For a few years now, the Internet has been just insanely useful. Everything is there and you can find it when you need it. But Google is working less and less well, and I’ve spotted another potential crack in its foundations. Will we look back on this as the time when it all started to fall apart?
By the way, they’re on Twitter too; I have a canned search (via the lovely Mac Tweetie client) for a combination of “EU” and “Oracle” (guess why). This afternoon, the flag came up and an innocent-looking tweet took me to something called “redhotnews.com” that gets no links from me, where there was one paragraph from this Business Week story surrounded by seventeen (!) different AdSense ads.
The bottom line: There are a huge number of smart sleazy people thinking all day every day about how to game the Google ecosystem; content farms are just one of the newer manifestations. Google knows about this, obviously, and they’ve known about things like gaming sleazy affiliate programs for years; but the problem remains. At this point, it’s hardly relevant whether Google’s huge screaming conflict of interest is relevant here; it’s perfectly possible they’re making an honest effort but just losing.
My Own Problem · I’m having a very personal problem with Google; there are things on my blog, the publication you are now reading, that I can’t find. There will be times that I need to refer to some story that I just know is out there somewhere back in the last six ongoing years, but I can’t find it. Google still indexes every word here, near as I can tell, so if I know the exact phrase I’m looking for, I’ll do fine.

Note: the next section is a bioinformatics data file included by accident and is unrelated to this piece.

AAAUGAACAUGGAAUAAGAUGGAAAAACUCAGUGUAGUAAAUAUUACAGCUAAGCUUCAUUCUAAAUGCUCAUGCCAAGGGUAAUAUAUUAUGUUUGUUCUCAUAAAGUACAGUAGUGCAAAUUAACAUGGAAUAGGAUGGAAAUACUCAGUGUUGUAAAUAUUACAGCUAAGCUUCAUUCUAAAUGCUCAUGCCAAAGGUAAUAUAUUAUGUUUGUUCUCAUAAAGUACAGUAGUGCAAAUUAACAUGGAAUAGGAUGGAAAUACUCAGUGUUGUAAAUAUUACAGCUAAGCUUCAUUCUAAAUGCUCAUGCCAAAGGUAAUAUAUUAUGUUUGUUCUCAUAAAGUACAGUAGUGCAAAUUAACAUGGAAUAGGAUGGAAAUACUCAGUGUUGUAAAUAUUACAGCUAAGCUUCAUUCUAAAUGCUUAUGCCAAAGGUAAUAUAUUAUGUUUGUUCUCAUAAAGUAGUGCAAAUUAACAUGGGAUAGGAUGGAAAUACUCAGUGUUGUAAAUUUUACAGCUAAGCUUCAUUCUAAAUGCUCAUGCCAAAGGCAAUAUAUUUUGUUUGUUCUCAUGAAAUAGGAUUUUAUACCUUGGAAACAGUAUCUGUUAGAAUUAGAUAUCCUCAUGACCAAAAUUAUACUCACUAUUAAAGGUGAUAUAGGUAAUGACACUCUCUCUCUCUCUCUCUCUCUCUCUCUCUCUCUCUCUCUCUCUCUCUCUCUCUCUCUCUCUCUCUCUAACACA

But sometime over the last few years, my ability to use Google to find things here has taken a qualitative turn for the worse. I know maybe too much about search technology; I’m assuming it’s just search-quality algorithms being tuned away from inclusiveness and toward fussiness, in the face of assault from all the bad people on the Internet.
Whatever; the effect is not subtle.
It’s the People, Stupid · I really hope that Google (or Microsoft, or Yahoo, or whoever) figures out which set of knobs on the sides of the big search engines to twist to get us back to where things were when they worked better. But until that happens, I can see one way forward that I don’t think can be gamed; we’ll just have to rely increasingly on people and their reputations.
If I can’t trust searching, retrospective or real-time, to let me know what’s going on in management APIs, I don’t care, because if I follow William Vambenepe, he’ll have the poop. If I want keen-eyed level-headed oversight on what’s up in games, the crew at Ars Technica are trustworthy. If I want partisan but fair and thorough coverage of US politics, Josh Marshall and the crew at Talking Points Memo. For tracking Vancouver civic issues, Frances Bula. And so on.
Yeah, it’d be nice if there were a way to mechanize away the need for trust, and for reliance on the small number of people you can scale up and listen to. But maybe the period of history during which that was possible was an anomaly which is drawing to an end.
The Internet is still really good at helping you find the right people to pay attention to, and scaling up to listen efficiently. Which is immensely better than nothing.